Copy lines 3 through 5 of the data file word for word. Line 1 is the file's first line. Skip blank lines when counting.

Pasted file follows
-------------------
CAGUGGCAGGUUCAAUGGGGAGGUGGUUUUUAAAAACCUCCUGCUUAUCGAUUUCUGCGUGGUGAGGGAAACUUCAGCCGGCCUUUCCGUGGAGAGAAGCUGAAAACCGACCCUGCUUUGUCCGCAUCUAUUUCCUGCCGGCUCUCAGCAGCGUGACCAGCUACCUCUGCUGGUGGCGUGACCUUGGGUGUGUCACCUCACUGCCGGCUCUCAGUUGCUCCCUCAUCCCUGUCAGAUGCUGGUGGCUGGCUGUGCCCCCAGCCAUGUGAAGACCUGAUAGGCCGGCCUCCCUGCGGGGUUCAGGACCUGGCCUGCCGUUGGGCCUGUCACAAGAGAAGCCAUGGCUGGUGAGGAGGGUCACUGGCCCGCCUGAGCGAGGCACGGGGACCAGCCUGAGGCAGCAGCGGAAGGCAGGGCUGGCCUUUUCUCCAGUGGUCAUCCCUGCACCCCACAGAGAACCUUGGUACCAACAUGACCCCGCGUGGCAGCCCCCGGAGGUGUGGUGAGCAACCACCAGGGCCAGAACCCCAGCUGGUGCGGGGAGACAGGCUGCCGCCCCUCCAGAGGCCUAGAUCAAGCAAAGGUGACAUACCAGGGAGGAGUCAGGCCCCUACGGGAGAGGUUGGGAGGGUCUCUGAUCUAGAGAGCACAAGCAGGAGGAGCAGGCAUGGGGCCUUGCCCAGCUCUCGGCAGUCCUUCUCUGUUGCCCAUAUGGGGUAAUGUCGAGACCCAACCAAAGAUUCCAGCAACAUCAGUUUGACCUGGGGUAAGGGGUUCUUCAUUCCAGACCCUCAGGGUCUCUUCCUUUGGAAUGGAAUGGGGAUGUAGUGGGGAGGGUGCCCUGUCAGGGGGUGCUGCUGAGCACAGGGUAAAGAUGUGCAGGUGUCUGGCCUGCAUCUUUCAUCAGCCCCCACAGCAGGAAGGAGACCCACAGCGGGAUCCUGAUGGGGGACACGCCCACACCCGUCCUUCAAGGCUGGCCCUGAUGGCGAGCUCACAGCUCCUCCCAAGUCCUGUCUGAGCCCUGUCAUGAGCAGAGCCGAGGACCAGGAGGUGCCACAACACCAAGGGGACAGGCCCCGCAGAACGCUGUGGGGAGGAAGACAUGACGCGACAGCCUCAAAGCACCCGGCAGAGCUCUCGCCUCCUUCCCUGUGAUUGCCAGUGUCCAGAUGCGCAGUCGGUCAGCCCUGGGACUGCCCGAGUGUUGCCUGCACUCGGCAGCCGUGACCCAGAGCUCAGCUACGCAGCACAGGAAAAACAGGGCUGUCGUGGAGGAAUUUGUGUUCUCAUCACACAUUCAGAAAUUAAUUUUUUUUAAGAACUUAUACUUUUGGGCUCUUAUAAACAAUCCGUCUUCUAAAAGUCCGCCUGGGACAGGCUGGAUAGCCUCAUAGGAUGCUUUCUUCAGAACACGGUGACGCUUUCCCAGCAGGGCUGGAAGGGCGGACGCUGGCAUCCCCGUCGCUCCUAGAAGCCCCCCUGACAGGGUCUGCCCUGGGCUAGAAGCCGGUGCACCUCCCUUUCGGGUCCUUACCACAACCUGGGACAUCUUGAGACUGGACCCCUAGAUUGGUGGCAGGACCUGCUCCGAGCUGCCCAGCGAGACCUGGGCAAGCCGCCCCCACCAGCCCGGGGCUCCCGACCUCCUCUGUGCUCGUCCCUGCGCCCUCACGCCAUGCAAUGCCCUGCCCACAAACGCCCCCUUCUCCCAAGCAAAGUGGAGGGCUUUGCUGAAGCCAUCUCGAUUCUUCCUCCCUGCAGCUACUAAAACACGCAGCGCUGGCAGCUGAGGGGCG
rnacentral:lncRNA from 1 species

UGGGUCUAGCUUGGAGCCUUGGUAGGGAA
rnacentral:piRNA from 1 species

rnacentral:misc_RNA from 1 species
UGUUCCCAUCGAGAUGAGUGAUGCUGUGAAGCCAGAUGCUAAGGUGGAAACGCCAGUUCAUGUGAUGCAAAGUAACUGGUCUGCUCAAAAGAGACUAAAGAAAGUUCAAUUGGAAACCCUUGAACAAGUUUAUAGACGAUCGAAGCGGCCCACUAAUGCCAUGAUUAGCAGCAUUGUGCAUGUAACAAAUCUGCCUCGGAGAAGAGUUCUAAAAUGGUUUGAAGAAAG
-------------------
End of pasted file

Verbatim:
UGGGUCUAGCUUGGAGCCUUGGUAGGGAA
rnacentral:piRNA from 1 species

rnacentral:misc_RNA from 1 species